Understanding Walleyes Under the Ice

February 7, 2009 by  

Ice Team

Dave Genz sporting a giant walleye

Dave Genz sporting a giant walleye

If we could see the way walleyes do, we would know them, through and through.

There’s a reason we call ‘em ‘eyes.

Those eyes are amazing.

Positioned behind the walleye’s retina is a reflective membrane called the tapetum lucidum. This substance is exceptionally white, its purpose to gather, and reflect, light.

Its potential brought to full fruition in any dim condition.

When light enters a walleye’s eye, it is picked up by the retina, but also bounced around by the reflective tapetum, back to the retina numerous times. This essentially ‘multiplies’ ambient light, but only for the walleye, not for its hapless prey—not even the closely-related yellow perch.

No wonder seasoned walleye chasers venture forth so early in the morning, and precisely position Fish Traps just before the sun starts to sink. Drill with the StrikeMaster Lazer and put Lindy Techni-Glo to task before last night becomes this morning. Set up quietly on high-percentage spots as late afternoon morphs into sunset.

That good joke can wait. Time to concentrate. The constants are the whir of the Vexilar, bright and colorful early-warning system, stream of warmth from your pal Mr. Heater, images of the underwater world beamed to you by Aqua-Vu, crisp response to your jigging demands from your Nature Vision Genz Stix rod.

When the fish come in, it’s your time to shine.

Natural selection has programmed walleyes to hunt where and when pickings are easiest, so prime time will always be whenever light levels change dramatically.

But, as you will see, Ice Team will help you extend the bite.

We want you to fish walleyes all day, and catch them consistently. Walleyes are the perfect target for fish-fry fodder, but once you can catch them all day, you’ll see that they are great catch-and-release fish, too.

As long as we’ve fished through the ice, walleyes have fascinated us. Scientists might consider them ‘mid-level’ predators (when compared with, say, pike and muskies), but big walleyes don’t move over for much. They hunt in packs like wolves, but also do well on their own or in small groups. Walleyes work the base of drop-offs, sit in motionless ambush amidst weeds, and patrol points with boulders, humps and flats.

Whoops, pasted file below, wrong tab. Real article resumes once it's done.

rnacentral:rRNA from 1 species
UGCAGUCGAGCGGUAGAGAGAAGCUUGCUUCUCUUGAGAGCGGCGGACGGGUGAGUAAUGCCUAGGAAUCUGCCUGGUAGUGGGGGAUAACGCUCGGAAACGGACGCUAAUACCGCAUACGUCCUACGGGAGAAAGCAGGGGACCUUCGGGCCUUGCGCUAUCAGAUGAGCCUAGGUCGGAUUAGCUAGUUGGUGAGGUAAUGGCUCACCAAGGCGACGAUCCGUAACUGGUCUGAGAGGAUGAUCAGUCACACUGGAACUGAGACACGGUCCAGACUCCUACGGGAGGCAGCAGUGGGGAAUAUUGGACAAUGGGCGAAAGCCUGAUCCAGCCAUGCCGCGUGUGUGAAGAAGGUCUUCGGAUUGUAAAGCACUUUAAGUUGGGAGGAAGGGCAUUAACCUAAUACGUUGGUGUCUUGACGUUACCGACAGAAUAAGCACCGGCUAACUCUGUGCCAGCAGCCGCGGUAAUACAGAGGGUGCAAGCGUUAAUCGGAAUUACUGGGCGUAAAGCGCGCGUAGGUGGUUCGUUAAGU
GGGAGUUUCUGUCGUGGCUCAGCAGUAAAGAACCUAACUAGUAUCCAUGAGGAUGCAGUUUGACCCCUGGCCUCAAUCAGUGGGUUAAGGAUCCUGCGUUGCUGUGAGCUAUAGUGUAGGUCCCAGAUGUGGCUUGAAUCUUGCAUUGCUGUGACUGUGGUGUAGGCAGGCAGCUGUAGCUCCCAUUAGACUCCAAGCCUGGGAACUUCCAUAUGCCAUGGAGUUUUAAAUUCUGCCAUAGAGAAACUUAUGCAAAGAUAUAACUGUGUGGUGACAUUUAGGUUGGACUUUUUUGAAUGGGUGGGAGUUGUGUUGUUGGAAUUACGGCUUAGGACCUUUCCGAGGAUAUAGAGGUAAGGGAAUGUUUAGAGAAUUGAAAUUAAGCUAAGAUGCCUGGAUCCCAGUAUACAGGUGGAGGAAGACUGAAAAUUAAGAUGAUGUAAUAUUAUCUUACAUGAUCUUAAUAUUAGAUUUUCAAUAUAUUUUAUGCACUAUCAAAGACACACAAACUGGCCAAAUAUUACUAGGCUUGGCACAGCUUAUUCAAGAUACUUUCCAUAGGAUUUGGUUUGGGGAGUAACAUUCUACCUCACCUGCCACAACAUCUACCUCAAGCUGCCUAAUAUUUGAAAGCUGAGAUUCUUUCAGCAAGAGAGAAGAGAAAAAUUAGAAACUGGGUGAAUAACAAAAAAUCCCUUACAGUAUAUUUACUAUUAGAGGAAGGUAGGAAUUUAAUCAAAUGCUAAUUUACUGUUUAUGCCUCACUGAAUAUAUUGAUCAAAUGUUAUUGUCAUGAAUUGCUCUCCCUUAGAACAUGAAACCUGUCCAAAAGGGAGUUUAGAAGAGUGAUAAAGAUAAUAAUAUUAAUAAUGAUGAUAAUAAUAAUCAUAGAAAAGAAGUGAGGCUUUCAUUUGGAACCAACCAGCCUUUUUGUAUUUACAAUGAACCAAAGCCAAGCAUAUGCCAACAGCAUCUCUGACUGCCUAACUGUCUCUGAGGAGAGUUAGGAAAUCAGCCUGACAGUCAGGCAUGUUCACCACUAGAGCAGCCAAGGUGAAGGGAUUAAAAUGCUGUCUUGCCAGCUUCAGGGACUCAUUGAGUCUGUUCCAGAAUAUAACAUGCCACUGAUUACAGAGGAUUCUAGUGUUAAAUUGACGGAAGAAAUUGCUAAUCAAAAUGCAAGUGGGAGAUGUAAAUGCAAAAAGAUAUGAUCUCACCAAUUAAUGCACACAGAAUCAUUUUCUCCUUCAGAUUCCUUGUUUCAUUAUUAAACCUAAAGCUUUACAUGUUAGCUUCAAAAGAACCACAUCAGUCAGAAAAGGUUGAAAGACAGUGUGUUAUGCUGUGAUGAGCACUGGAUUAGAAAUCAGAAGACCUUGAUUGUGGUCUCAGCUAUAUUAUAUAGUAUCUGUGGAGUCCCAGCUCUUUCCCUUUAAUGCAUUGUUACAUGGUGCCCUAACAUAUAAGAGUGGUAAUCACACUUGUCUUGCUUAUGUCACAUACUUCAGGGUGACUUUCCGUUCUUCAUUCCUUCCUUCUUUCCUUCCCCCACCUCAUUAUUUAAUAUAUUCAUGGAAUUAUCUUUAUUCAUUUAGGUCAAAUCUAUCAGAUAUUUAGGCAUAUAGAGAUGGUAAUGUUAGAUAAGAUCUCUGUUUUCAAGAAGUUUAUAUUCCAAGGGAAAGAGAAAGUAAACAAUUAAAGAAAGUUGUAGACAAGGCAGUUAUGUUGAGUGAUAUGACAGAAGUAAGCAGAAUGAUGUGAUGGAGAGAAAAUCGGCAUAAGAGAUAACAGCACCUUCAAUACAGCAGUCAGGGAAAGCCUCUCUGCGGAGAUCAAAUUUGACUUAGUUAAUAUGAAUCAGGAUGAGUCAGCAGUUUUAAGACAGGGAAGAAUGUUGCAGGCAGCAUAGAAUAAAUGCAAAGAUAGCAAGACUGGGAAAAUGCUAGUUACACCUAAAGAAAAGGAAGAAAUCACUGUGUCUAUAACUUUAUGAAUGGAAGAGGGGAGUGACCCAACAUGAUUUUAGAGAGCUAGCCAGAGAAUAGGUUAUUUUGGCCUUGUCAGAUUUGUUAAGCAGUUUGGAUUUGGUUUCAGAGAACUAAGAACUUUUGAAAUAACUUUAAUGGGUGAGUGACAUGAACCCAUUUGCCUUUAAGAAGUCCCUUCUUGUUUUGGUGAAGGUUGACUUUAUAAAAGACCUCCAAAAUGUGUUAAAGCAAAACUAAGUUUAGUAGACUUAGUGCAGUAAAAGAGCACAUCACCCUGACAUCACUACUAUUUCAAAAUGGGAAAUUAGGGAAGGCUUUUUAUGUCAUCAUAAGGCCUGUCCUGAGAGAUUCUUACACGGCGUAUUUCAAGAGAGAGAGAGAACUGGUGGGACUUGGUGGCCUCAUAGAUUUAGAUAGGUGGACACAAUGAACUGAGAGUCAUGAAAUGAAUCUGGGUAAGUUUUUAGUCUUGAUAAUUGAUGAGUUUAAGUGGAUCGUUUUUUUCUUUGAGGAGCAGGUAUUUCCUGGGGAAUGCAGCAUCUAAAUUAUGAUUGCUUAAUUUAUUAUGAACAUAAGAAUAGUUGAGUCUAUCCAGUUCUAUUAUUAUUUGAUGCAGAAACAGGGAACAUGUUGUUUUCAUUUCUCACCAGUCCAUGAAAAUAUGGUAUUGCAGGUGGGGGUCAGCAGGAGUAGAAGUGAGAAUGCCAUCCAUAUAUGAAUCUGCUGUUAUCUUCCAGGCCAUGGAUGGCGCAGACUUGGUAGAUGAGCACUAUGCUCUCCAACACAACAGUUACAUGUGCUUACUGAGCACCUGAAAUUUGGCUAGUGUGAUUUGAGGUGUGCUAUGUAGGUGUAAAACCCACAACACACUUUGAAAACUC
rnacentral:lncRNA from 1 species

A great eating size fish for the table

A great eating size fish for the table

They do what they wanna do, eat when they wanna eat. The key to catching them during ‘off-peak’ times is triggering a response, getting them to “sample” your offering, as Ice Team’s Dave Genz likes to say. Think like a walleye. See the world the way they do, and you can anticipate where they’ll be and trigger them, using the specialized equipment available to modern ice anglers.

It’s more fun to catch walleyes than to just go fishing for them. In many ways, that is the essence of Ice Team’s mission—to help you skip years of trial and error, and help you choose and use the gear that makes every bit of the difference.●

Tapetum is not the Enemy

When you understand walleyes and their basic nature, it makes sense that low-light conditions are peak feeding opportunities for them. But before you curse that blasted tapetum, it’s important to know that there is more to the story behind it, and walleyes are amazingly adaptive creatures that can be caught in varying light levels.

Breakthrough research done by Dr. Dwight Burkhardt showed that not only does the amount of tapetum vary from one walleye to the next, but it can actually change within a given walleye in response to light levels! In short, walleyes have the capacity to acclimate to bright conditions.

These findings meshed with work done by Dr. Richard Ryder, who in the course of his research produced evidence that anglers typically catch more walleyes as light levels change rapidly (either rise or fall).

But it appears as though the walleye’s body has the ability to adjust the amount (and perhaps sensitivity) of tapetum in order to function efficiently in a wide range of lighting conditions. That certainly explains a lot, when you consider how many ‘eyes are taken in clear, shallow water in the middle of the day by open-water and ice anglers alike. (We have asked these primary researchers for their best guess as to how long it might take a walleye to adapt when going from dim to bright conditions or vice-versa, and they have offered 20 minutes.)

The bottom line, to you as an ice angler: Don’t ever give up on targeting walleyes, regardless of what traditional wisdom might say.

Not even in the middle of the day.●


Article provided by the Ice Team.


2 Comments on "Understanding Walleyes Under the Ice"

  1. shannon body on Sat, 27th Oct 2012 1:18 pm 

    going to black lake in n.y. in february for walleye . its a mostly shallow lake averge depth 16′. it has small islands, points, and is weedy. im used to deep water. were should i start with this lake

  2. admin on Sun, 28th Oct 2012 6:32 pm 

    First place I would check is the deep water around the points/drop-offs.

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